I went into Autocad and drew up a plan for the brass pieces assuming that I would be using 1/2" wide brass. The lines for folding and cutting were marked interchangeably. A copy was then printed, cut out and taped to a piece of 1/2"x0.016"x12" piece of brass. A cutoff disk on a Dremell tool was then used to cut the piece to length and slice the part that would be folded back. A pair of pliers was then used to make the bends and folds. The folds were not completely bent into shape under the theory that some finagling would be needed and I wanted to fatigue the metal as little as possible. An identical piece was then cut and formed and the pair was test fitted into the head.

Soldering is not one of my strong skills, and that's putting it kindly. Even so, I felt obligated to provide the electrons with a path to get to the brass contacts. I took a length of speaker wire, stripped the ends and then soldered a lead to the back of each of the contact plates.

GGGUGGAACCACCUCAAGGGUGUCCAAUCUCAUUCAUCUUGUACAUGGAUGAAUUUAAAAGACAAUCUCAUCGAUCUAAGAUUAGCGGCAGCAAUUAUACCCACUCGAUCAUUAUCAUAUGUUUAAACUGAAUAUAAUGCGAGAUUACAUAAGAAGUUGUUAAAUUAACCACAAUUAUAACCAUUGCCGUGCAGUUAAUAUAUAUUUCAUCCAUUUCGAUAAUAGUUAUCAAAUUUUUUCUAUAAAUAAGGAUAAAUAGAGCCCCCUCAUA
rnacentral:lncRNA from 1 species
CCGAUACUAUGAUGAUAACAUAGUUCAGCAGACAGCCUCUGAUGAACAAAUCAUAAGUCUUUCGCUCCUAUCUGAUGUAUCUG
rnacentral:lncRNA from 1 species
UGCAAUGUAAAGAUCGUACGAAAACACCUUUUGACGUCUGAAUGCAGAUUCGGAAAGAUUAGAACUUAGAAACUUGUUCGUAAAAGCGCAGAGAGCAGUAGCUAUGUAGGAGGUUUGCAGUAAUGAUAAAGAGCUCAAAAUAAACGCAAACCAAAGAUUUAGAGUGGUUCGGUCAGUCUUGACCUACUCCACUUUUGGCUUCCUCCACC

In order to accommodate the solder on the backs of the contact plates and allow them to lie flat, I had to excavate a cavity on either side of the head. It was done by trial and error with an ambiguous head on the Dremmel.

Since this was merely a proof of concept prototype, I did not take the trouble to fasten the plates to the head in a "good" manner. Instead, I just epoxied them into place and clamped them to set. This proved to be a mistake since some of the epoxy developed and unhealthy relationship with the clamp and the removal of said clamp distorted things.

Several tests were made with the prototype and I found that the concept did work but that there were some problems with execution. Aside from the not so durable balsa used as the head, the method of attaching the wires to the plates and the plates to the head were also problematical. As I considered how to deal with these issues, I turned my attention to the "guts" of the project.